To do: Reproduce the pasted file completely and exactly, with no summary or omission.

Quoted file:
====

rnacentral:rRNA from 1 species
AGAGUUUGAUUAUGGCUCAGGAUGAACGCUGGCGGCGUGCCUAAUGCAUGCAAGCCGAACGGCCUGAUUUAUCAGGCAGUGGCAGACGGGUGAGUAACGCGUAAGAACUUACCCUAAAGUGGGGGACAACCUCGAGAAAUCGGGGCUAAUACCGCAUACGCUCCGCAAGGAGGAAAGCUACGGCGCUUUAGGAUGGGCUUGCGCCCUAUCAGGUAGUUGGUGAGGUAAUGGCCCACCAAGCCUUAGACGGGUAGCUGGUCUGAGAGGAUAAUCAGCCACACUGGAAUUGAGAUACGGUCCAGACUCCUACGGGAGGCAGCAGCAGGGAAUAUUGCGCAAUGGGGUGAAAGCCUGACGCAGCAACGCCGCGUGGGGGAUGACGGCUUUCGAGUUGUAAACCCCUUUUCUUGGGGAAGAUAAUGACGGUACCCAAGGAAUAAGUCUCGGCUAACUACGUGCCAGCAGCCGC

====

rnacentral:rRNA from 1 species
AGAGUUUGAUUAUGGCUCAGGAUGAACGCUGGCGGCGUGCCUAAUGCAUGCAAGCCGAACGGCCUGAUUUAUCAGGCAGUGGCAGACGGGUGAGUAACGCGUAAGAACUUACCCUAAAGUGGGGGACAACCUCGAGAAAUCGGGGCUAAUACCGCAUACGCUCCGCAAGGAGGAAAGCUACGGCGCUUUAGGAUGGGCUUGCGCCCUAUCAGGUAGUUGGUGAGGUAAUGGCCCACCAAGCCUUAGACGGGUAGCUGGUCUGAGAGGAUAAUCAGCCACACUGGAAUUGAGAUACGGUCCAGACUCCUACGGGAGGCAGCAGCAGGGAAUAUUGCGCAAUGGGGUGAAAGCCUGACGCAGCAACGCCGCGUGGGGGAUGACGGCUUUCGAGUUGUAAACCCCUUUUCUUGGGGAAGAUAAUGACGGUACCCAAGGAAUAAGUCUCGGCUAACUACGUGCCAGCAGCCGC